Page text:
Much of your source material was originally made or printed during the late 1960s and early 1970s, a period you describe as bringing a certain mid-century idealism to its conclusion. Does the present moment also seem like a point of transition or inflection?
I think it does. For example, the reason I wanted to make a project about the rose-gold iPhone is that I believe it exemplifies so many of the qualities that objects from that earlier period represent. For one thing, selling something purely around a color—a color “invented” for an object—feels very much of the 1960s-’70s moment. Corporations and designers re- appropriated colors for commercial uses all the time. There’s also something resonant about how the rose-gold iPhone is the same as another, more commonly available iPhone; it simply has a new veneer. That feels like a “modern” way of selling something—a very idealistic way of pitching a product.
I wanted to point to the way you can look back at that time and see its crass commercialism so clearly. The distance permits a certain cynicism about the mechanisms for selling products. You can even acknowledge how those practices led us to where we are today. But despite our sophistication, the same forces are in play today—even if we believe we can see through them. I wanted to talk about the iPhone party because it totally got me; I was seduced by it. I wanted to think through my personal relationship to these broader forces. Even though you see things clearly, even if you’re inherently skeptical, you sometimes can’t help but participate in them.
You’ve begun making videos. How does their durational nature, the possibility of their narratives changing or even corroding over time, correspond to your thinking about these decades-long changes in society?
I want to revisit some of the advertising strategies I critique in my photographs, but only reveal that critical stance slowly. Perhaps viewers won’t realize, at first, that what they’re seeing is not exactly what it looks like.
Speaking procedurally, I wanted to make videos because I wanted to present projects featuring rapid editing. I was imagining hypothetical viewers who can only pay attention for one second before needing something else to look at. Those people exist now; rapid cuts fulfill the expectations of a certain kind of present-day viewer. Attention spans are so short; I can feel how short mine is. I thought that a rapid-fire structure made sense for showing all these objects that have themselves faded away from popular consciousness. I give each of them only a moment in the spotlight before moving on to something else. That frantic progression feels to something like today’s advertising feels, or how being in the world feels.
We likewise live in an era of seemingly sped-up news cycles and political developments …
The cycles are so fast. I think about the rose-gold iPhone in the context of the soft jewelry boxes that are featured in Soft Film. Those boxes likely had a decade or two of use and relevance. The rose-gold iPhone already feels like it’s falling out of favor, or as if it’s out of date. It’s much more accessible today, and therefore less desirable, than when it was first introduced and cost something like $800.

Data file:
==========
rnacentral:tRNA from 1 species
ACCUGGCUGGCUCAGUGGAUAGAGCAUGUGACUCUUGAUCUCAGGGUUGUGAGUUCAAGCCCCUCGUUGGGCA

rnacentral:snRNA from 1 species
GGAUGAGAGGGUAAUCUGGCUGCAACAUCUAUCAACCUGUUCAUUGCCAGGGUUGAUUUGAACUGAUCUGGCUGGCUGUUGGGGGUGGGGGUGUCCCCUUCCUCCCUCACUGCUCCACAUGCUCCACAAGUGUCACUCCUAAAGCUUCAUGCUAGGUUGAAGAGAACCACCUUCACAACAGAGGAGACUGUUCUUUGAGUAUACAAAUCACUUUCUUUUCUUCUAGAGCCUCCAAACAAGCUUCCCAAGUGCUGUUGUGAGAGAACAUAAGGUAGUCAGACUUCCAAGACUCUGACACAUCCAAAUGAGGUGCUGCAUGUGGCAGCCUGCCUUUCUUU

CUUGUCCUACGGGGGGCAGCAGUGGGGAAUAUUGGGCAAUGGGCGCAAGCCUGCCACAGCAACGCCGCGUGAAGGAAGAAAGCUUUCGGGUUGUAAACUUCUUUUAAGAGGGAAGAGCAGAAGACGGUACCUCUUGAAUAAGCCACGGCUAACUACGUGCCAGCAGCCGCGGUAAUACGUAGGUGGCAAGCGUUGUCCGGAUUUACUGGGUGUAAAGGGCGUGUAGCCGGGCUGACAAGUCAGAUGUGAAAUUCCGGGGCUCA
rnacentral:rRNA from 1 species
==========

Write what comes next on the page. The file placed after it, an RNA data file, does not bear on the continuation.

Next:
I give each object only a moment in the spotlight before moving on to something else. That frantic progression feels to something like today’s advertising feels, or how being in the world feels.
Perhaps this is why your video never shows the rose-gold iPhone, except in an image you recorded off of a screen …
I purposely never put it in the film. I actually have a rose-gold iPhone now because I was entitled to an upgrade through my phone plan. I was using a mangy, cracked iPhone 5 for at least a year, so that’s what’s lovingly held and touched in the film. I could barely see its screen.
Your hands hold the phone in the film, and elsewhere a narrator describes you as owning a “collection of pictures of women demonstrating technology.” Is that one way you conceive of your work, as demonstrating or revealing technologies?
That’s definitely part of my work. I want to make mechanisms clear, which is perhaps even more important given how technically sophisticated art photography often is. The barrier to entry for art photography, in terms of access to technology, can be high. I have always been interested in making things that don’t require such technologies. Or perhaps deliberately misuses them, creates something filled with more mistakes than what I initially thought was “real” art photography, like Jeff Wall or Andreas Gursky.
Do you think that’s partly a generational divide?
The way I work seems more prevalent in the last five or ten years, when photographers were making more low-key work, making art within their economy of means, making photographs as photographs, not as monuments. I don’t know whether that’s a response to the moment, or to the art market, or whatever, but it feels like the most vital aspects of art photography have moved away from epic projects. What can Gursky do today to surprise us?
He could incorporate bodies! In the past two to three years you’ve begun making portraits. Can you discuss the relationship between the people depicted and yourself, or between the people depicted and the objects that surround them?
I photograph people like I photograph objects. I’ll take a portrait and then, at least when it’s printed and placed into an arrangement with other objects in the studio, it becomes part of a still life.
Everyone I photograph though is someone I am close to and know well. I photographed my ex-boyfriend a lot, and he appears in both of my recent films. Having someone in the film with whom I have a close relationship helps to temper some of the dry theory that makes up part of the narration. Just when you can’t listen to any more of this academic language, the film shifts into a more personal register.